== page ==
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Head to head — Tim Storrier v McLean Edwards in Australia’s richest art prize

The Daily Telegraph 17 October 2017

Jacqui Taffel, Wentworth Courier

_View online at www.thedailytelegraph.com.au

ARTIST McLean Edwards is all over the Doug Moran portrait prize this year.

The two paintings he entered, of film maker Warwick Thornton and a self-portrait, were selected as semi-finalists. The self-portrait made it into the finalists, as did Tim Storrier’s portrait of Edwards, both vying to win $150,000 this week in Australia’s richest art prize.

Edwards, who lives in Vaucluse, has been hung in the Archibald five times; this is his third time in the Moran, with the 30 finalists’ paintings on show from October 19.

He has also been the subject of many Archibald entries — he can’t remember how many artists have painted him, but before Storrier there was Lucy Culliton, Rhys Lee, Jason Benjamin, Dean Brown and Alexander McKenzie.

Dean Brown’s portrait of Mclean Edwards, an Archibald Prize finalist in 2016.

Lee also painted Edwards for this year’s Moran.

“It didn’t make it but it was a great painting,” Edwards says.

Does he have any theories about his popularity as a sitter — or in the case of the Storrier portrait, as a stander?

“It’s weird!” Edwards says. “I don’t know. Maybe they just want me in their studios because life is boring — a bit of verve in an otherwise humdrum, solitary existence.”

He’s joking, but it points to one reason people keep painting him — because he’s good company.

Edwards became friends with Storrier after painting him for the Archibald in 2010. Now Storrier has returned the favour. Edwards did six or seven sittings with him, but didn’t get any say in how he would be portrayed.

McLean Edwards’ portrait of artist Tim Storrier, a finalist in the 2010 Archibald Prize.

“Tim’s an autocrat,” he says. “That’s not the way I work, I like a bit of cross-pollination, but that’s because I usually paint other painters so I trust them, they know what they’re talking about. Tim is such a sensational artist ... I was very excited to be painted by him.”

Storrier did a sketch of Edwards for his wife last year that hangs in their hallway.

“It was very good, and very flattering,” Edwards says. “I don’t think he went down that route with the portrait this time.”

Not that he’s worried about that — he was delighted with it. “It glowed as a painting. I disassociated myself from it, looking at it as you might any other painting — marvelling at it, not necessarily the representation of me.”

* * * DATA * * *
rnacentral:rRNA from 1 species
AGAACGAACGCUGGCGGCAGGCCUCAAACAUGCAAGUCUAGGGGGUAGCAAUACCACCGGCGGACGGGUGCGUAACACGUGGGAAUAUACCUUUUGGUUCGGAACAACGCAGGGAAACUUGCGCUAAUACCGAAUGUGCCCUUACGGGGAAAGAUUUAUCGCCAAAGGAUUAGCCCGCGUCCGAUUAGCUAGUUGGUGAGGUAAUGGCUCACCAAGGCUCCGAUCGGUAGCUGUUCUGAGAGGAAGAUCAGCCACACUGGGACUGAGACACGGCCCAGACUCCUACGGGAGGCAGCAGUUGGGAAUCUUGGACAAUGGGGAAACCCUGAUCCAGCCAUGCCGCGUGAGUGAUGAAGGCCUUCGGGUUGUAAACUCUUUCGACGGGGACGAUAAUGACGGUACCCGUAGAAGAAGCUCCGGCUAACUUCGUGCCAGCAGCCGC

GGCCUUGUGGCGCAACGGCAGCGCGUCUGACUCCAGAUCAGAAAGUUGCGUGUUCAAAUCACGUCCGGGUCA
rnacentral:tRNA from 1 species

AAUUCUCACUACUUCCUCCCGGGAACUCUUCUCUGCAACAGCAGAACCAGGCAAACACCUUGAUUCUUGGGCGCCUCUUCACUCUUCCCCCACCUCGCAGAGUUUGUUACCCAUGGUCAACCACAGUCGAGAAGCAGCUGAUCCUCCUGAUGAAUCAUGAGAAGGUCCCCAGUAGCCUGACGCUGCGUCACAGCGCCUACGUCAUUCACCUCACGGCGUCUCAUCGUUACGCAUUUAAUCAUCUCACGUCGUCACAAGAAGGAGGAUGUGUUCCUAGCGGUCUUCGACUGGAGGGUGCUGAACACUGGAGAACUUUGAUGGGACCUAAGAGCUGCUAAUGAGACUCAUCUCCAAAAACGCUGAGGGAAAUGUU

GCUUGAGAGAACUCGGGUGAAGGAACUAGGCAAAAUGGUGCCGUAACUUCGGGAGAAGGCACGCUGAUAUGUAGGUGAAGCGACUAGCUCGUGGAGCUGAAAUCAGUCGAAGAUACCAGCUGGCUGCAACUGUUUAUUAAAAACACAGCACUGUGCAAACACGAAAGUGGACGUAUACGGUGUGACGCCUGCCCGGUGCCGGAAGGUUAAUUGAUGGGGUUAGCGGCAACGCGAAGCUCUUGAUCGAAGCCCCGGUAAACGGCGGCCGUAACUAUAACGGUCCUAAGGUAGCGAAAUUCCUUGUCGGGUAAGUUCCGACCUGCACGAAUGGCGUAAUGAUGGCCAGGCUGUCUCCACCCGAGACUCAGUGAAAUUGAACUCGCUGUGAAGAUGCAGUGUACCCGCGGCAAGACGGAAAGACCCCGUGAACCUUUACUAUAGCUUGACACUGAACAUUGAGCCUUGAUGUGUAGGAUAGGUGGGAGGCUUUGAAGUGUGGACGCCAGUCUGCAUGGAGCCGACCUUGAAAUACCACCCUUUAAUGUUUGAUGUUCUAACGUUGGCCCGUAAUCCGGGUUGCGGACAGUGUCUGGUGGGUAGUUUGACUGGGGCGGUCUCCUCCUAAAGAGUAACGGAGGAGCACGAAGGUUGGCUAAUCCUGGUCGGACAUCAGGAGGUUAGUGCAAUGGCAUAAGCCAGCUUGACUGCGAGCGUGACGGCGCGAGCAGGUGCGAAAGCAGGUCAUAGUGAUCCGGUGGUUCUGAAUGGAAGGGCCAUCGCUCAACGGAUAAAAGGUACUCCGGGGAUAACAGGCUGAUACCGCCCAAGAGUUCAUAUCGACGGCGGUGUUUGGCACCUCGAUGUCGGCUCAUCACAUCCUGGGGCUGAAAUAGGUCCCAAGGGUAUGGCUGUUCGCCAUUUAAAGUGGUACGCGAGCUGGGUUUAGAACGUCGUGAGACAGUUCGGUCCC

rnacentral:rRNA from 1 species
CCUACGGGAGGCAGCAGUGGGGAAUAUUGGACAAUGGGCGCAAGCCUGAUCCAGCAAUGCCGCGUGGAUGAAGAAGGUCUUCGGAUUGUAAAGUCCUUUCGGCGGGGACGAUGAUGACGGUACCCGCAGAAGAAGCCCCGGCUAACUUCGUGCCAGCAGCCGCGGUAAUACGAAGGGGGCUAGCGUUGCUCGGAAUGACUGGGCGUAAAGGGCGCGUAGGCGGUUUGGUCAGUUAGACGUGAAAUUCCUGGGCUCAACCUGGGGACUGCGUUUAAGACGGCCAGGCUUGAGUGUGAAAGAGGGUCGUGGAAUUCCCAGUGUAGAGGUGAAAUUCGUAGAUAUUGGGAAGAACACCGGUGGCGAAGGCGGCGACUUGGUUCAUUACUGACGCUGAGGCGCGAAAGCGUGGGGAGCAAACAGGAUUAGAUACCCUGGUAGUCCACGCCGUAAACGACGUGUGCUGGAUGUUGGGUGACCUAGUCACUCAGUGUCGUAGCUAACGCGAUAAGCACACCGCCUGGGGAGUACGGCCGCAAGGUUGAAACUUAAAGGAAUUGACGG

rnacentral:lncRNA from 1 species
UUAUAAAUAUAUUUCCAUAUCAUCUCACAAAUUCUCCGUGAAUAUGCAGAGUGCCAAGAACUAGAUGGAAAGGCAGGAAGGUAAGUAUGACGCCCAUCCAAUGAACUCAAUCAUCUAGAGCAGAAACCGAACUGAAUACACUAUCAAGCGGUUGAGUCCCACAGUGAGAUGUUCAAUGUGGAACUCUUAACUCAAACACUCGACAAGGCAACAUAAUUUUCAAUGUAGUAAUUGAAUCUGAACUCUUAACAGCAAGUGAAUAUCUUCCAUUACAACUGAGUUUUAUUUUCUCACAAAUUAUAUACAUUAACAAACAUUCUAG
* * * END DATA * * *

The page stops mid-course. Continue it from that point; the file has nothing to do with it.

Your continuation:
Artist McLean Edwards was delighted by Tim Storrier’s painting of him. Picture: John Appleyard

The portrait, called The Lunar Savant (Portrait of McLean Edwards), shows him lit by moonlight, holding his habitual cigarette, one shoe off, wearing a shabby, stained coat and a lairy tie.

Edwards sees something of the holy fool about it. “But I think it’s an affectionate painting.”

It also has a sense of humour with its own in-jokes. The tie is the same one Storrier wore when Edwards painted him, and in his younger days, Edwards got around in an old stained overcoat, going for the “Samuel Beckett goes to art school” look. It was, he noted, “spectacularly unsuccessful with the ladies”.

Edwards has no particular strategy when selecting a painting for the big portrait prizes.

Painting of actor Cate Blanchett and her family by McLean Edwards, 2006 Archibald Prize finalist.

“The essential thing for the artist and sitter, and I’m speaking as both, is that it’s a convivial transaction. It doesn’t make a good work of art but it helps,” he said.

His sitting with Storrier was entirely convivial. “It was an experience I can safely say now it’s all over didn’t do any lasting harm to our friendship.”

But then they found themselves pitted against each other for the main prize.

Edwards laughs. “That’s right! I’m going to take the old man out.”

Doug Moran National Portrait Prize, October 19-December 17, Juniper Hall, Paddington, moranprizes.com.au

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